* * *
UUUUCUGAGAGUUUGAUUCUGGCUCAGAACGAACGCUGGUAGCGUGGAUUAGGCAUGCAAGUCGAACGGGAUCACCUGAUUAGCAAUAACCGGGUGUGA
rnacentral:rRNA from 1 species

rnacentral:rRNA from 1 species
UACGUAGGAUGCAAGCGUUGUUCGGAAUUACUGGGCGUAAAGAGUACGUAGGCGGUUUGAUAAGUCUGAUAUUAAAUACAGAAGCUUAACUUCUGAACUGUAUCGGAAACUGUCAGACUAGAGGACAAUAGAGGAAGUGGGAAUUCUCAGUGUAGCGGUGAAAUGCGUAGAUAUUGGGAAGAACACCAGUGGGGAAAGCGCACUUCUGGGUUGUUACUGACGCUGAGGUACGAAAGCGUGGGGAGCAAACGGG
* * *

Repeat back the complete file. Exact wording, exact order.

UUUUCUGAGAGUUUGAUUCUGGCUCAGAACGAACGCUGGUAGCGUGGAUUAGGCAUGCAAGUCGAACGGGAUCACCUGAUUAGCAAUAACCGGGUGUGA
rnacentral:rRNA from 1 species

rnacentral:rRNA from 1 species
UACGUAGGAUGCAAGCGUUGUUCGGAAUUACUGGGCGUAAAGAGUACGUAGGCGGUUUGAUAAGUCUGAUAUUAAAUACAGAAGCUUAACUUCUGAACUGUAUCGGAAACUGUCAGACUAGAGGACAAUAGAGGAAGUGGGAAUUCUCAGUGUAGCGGUGAAAUGCGUAGAUAUUGGGAAGAACACCAGUGGGGAAAGCGCACUUCUGGGUUGUUACUGACGCUGAGGUACGAAAGCGUGGGGAGCAAACGGG